Why Does Anyone Need To Take An African American Studies Course?
While the controversy that this article discusses is infuriating, it obscures the deeper issue…
“A group of Oberlin parents is adamant that one type of person should never teach their children about African-American history.
A white person.
These parents are furious that a scheduling conflict might cause administrators to reassign the black teacher who has taught the subject in the high school for seven years.
The parents, in protesting to the school board, have hit on a touchy racial issue that has bedeviled educators for years.
Some experts say the best qualified teacher, white or black, should teach African-American history – or any class, for that matter. But others, like the Oberlin parents, say a black teacher brings more credibility and compassion to the subject. A white teacher may know the dates and events, but can a white person ever truly understand the culture?”
While the article is addressing whether a white person should teach African-American studies, a better question would be why should a high school be teaching African American studies in the first place? Seriously — do they teach white-American studies? What about Jewish-American studies? Chinese-American, Irish-American, & Arab American studies? So Why do they feel the need have a separate course to talk about black history?
When the kids are taught American history they should be taught about all the important black figures throughout the history of our nation. So what is the point of the class? Judging by some of the responses, it sounds like the real point of the class is to encourage separatism…
“It would be a problem for A.G. Miller, an associate professor of American and African religious history at Oberlin College. In Oberlin’s case, he said, placing a white teacher in the African-American history course would send the wrong message to black high school students.
“The message is that we are not concerned about the importance of your historical background . . . that that is less important than a schedule conflict,” said Miller, whose three children graduated from Oberlin High School.
Jaqui Willis, a black Oberlin parent, sees Kurt Russell as more than a teacher – he’s a role model, she said. She, too, worries what message children will get if they see the class taken from Russell.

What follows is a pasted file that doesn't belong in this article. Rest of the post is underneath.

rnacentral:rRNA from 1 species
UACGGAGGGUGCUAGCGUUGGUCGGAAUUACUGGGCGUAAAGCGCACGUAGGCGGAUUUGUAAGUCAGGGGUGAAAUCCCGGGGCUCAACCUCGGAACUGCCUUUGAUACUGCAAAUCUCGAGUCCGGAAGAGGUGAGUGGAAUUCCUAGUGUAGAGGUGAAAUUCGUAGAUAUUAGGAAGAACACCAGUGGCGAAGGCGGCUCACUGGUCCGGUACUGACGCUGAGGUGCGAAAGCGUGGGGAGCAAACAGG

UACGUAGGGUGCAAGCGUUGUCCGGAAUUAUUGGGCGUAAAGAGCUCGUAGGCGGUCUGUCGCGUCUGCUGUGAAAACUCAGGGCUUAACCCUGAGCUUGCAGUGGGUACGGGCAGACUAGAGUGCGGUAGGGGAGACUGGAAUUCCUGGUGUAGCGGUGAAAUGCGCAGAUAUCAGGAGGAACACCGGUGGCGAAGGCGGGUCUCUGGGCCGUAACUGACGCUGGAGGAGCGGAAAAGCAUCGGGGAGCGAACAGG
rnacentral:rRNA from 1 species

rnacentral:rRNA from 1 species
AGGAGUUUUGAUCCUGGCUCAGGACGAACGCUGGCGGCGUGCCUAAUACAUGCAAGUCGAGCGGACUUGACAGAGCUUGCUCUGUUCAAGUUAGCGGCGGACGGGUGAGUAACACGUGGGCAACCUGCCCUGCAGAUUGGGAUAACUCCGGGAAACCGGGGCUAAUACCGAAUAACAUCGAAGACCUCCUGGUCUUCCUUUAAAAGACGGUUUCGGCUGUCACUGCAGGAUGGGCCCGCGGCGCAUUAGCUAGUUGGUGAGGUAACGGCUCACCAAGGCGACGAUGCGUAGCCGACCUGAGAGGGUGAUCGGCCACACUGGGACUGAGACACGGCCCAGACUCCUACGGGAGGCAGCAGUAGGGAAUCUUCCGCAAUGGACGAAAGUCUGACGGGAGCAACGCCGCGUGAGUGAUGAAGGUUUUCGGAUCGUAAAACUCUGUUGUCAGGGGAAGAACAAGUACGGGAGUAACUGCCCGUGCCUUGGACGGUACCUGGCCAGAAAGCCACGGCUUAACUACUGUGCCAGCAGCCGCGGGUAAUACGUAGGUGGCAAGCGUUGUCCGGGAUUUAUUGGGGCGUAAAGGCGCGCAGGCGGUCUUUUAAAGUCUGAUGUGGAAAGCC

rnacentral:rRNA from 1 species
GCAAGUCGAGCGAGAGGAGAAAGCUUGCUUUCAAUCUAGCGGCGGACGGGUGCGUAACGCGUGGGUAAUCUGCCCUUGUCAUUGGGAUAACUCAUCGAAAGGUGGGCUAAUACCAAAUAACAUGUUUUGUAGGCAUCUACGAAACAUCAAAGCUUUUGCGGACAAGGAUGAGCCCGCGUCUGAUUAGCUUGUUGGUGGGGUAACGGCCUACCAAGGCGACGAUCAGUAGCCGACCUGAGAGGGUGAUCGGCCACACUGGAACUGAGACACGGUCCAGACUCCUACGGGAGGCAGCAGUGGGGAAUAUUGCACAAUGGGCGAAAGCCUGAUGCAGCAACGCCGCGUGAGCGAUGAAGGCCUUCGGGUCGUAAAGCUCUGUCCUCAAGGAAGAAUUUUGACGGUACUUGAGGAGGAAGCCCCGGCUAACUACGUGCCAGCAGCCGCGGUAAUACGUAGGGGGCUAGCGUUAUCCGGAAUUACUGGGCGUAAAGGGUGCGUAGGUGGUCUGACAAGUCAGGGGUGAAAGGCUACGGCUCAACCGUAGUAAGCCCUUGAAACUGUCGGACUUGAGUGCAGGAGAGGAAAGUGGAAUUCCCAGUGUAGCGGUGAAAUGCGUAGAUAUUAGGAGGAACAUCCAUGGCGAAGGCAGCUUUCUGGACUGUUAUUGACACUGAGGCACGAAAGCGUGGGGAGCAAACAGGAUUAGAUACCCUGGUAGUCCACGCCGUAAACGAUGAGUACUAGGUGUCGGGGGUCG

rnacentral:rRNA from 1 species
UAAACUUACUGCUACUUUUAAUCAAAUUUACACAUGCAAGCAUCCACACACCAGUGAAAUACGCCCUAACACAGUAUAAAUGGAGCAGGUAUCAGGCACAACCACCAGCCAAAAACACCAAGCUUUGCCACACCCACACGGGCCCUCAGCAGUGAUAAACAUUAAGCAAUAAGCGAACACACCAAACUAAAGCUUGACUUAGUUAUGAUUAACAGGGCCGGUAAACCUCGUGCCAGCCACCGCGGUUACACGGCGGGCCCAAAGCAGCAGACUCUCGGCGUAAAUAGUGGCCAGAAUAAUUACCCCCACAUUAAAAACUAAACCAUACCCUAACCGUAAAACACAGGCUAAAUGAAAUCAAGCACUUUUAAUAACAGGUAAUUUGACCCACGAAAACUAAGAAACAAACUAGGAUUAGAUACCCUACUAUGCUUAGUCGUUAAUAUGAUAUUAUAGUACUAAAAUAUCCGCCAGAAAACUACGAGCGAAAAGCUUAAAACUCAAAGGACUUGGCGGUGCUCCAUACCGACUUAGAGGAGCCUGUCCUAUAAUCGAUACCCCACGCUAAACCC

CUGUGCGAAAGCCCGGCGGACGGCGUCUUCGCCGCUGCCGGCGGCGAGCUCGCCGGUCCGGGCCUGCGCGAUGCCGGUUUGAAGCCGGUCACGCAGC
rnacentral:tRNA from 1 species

…Oberlin School Board President Tony Marshall, who is black, agrees. The phrase “color-struck” might mean nothing to a white person, he said, but a black teacher would know that it suggests a black person who prefers lighter-skinned blacks to darker-skinned blacks.
“A black teacher brings an experience and understanding of being black that no else can bring,” Marshall said.
Phyllis Yarber Hogan, a member of the Oberlin Black Alliance for Progress, makes the point even more strongly.
“When you talk about slavery, students need to understand it is not our fault,” she said. “Our ancestors did nothing wrong to be enslaved.
“How do you work through that when the person teaching it is the same type of person who did the enslaving?”
When the color of a teacher of a course is designed to send some kind of “message” to the kids, is that message really worth hearing? Furthermore, what does having an “understanding of being black” have to do with teaching a kid history? I bet that School Board President would go out of his mind (& rightfully so) if someone suggested that a black teacher wasn’t qualified to teach white kids because he didn’t have an “understanding of being white.” Then there’s Phyllis Yarber Hogan there at the end who sounds like she’s still consumed with anger over the Civil War.
Maybe this may sound like a crazy suggestion to some people, but why don’t we just teach these kids American history? Not black history, not white history, but American history. The race of the professor teaching the class doesn’t matter, the racial make-up of the class doesn’t matter, let’s just be color blind and treat all the kids like what they are, Americans. Wouldn’t our country be a better place to live if we did that?